Two thrill seekers in Yosemite National Park are trying to tackle one of the toughest climbs in the world.
For the third time since 2010, Tommy Caldwell and Kevin Jorgeson are attempting the near-impossible: to "free climb" the smooth, 3,000-foot wall of granite called the Dawn Wall. That means no ropes, other than to catch them if they fall, reports CBS News correspondent Ben Tracy.
It's the most dangerous route of El Capitan, and the half-mile climb could take weeks to complete.
The two have been documenting their progress online since they started their ascent on Dec. 27. Over the weekend, they both worked to complete the 15th of 32 "pitches," or legs of the trip. It was, perhaps, one of the most difficult part of the climb.
"There's this crazy arctic windstorm happening today ... It's getting pretty rowdy!" Jorgeson said in his video update.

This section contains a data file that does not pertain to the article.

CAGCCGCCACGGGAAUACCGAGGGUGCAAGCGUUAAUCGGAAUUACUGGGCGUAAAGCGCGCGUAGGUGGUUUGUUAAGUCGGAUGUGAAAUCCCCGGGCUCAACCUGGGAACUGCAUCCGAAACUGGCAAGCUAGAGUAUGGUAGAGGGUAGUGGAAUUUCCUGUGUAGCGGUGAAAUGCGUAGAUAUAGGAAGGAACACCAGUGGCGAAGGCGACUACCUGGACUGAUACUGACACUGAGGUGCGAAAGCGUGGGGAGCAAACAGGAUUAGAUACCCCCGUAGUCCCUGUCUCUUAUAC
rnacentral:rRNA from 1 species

The two say winter is the ideal time to make the climb. The wall is in the sun, but the cold keeps their bruised and bandaged hands from sweating. Caldwell is the father of a 20-month-old son, Fitz. In a Facebook post before the climb, he wrote, "For me the Dawn Wall is the perfect venue for some of the most important values I want to show Fitz. Optimism, perservereance (sic), dedication and the importance of dreaming big."
"Mentally they're as high as kites right now. They've gone as far as they've gone much more quickly than they thought they would," said Caldwell's father, Mike.
Caldwell and Jorgeson attempted this same climb in 2010 but were stopped by storms. Another try the next year failed because of an injury and the sheer difficulty of the climb. But this time, they are making their best progress yet.
"There's a lot less ice this morning and it starts to get exciting now, so that's the latest," Jorgeson said in another update.
At this rate, they could make history by this weekend.